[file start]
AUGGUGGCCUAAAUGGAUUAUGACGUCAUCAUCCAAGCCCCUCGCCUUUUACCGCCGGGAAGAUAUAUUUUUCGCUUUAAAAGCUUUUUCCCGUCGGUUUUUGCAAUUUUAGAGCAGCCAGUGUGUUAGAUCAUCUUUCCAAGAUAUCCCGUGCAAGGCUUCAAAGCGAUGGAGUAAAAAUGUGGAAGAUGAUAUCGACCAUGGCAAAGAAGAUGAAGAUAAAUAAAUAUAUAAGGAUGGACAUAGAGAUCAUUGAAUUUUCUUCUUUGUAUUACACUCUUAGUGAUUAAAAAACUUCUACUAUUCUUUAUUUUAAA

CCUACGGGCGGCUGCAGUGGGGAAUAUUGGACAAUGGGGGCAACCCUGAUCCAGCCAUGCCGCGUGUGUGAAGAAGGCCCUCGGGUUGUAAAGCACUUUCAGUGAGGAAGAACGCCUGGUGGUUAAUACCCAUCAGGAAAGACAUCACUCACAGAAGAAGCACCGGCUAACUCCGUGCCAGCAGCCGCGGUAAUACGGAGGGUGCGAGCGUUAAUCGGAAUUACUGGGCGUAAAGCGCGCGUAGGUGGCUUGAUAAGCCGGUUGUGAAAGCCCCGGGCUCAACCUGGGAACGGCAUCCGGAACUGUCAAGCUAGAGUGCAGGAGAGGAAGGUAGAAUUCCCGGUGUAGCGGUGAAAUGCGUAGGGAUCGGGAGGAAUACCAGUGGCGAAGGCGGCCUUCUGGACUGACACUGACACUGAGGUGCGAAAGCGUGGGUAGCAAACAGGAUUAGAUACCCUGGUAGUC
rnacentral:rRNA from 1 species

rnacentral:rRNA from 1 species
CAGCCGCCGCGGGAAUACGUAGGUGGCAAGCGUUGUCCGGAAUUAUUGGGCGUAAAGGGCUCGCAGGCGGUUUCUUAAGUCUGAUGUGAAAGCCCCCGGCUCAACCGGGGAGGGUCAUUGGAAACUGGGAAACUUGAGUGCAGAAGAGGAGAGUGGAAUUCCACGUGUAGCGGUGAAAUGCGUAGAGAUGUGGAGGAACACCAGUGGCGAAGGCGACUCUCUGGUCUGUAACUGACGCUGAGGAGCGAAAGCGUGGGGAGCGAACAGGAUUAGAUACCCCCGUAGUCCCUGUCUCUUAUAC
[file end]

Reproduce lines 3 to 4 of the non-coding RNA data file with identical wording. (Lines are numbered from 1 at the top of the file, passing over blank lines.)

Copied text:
rnacentral:rRNA from 1 species

rnacentral:rRNA from 1 species